The following report was furnished by Mr. Frederick P. Midler, of Taos, New Mexico, February 20, 1891
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I have just returned from the pueblo of Picuris. On the journey I and my horse came near freezing, The snow on the mountains and on the trail is 4.5 feet deep. No human being has passed through there this winter, The Indian land under cultivation at Picuris amounts to 555 acres. Out of this every family owns an average of about 15 acres. The sanitary condition can not be called good, as the statistics of the pueblo show that they are every year decreasing. They have never had any school at the pueblo, nor do they send their children to school unless they arc compelled to do so by the government, The main occupations of these Indians are farming in the summer and deer hunting in the winter, The pueblo is situated at the foot of the Picuris Mountain, about a mile west of the little town of Penasso, whence they get all their groceries and provisions from the sale of their grain.
The amount of land that could be cultivated by the Indians is 2,055 acres. They can also get a sufficient supply of water to irrigate all this land, but, not being at all industrious, they are satisfied with cultivating only the acreage necessary to produce grain or crops to sustain them; besides, they have not the tools or machinery necessary for cultivating more. The average of grain raised is about 30 bushels to the acre,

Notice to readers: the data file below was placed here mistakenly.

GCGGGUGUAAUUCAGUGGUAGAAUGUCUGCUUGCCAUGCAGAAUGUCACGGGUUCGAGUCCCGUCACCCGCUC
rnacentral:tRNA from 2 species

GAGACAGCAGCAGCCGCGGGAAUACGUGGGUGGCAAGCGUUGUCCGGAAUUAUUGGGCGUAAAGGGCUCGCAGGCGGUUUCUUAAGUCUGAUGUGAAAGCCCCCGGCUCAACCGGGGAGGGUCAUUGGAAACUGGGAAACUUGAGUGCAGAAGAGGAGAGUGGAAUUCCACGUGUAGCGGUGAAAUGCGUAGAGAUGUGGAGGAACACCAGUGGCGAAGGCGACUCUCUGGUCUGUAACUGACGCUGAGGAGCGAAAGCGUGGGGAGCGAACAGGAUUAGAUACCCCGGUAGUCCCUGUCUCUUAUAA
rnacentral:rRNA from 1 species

The Picuris people are about the same in all respects as those of Taos, only they are poorer in worldly goods. They greatly resemble the Taosans in form, features, habits, and customs. Deaths much exceed the births. The pueblo is small and poorly built of adobe, and not at all clean. While good and patient, these people have but little thrift.
The Picuris land grant was 17,461 acres.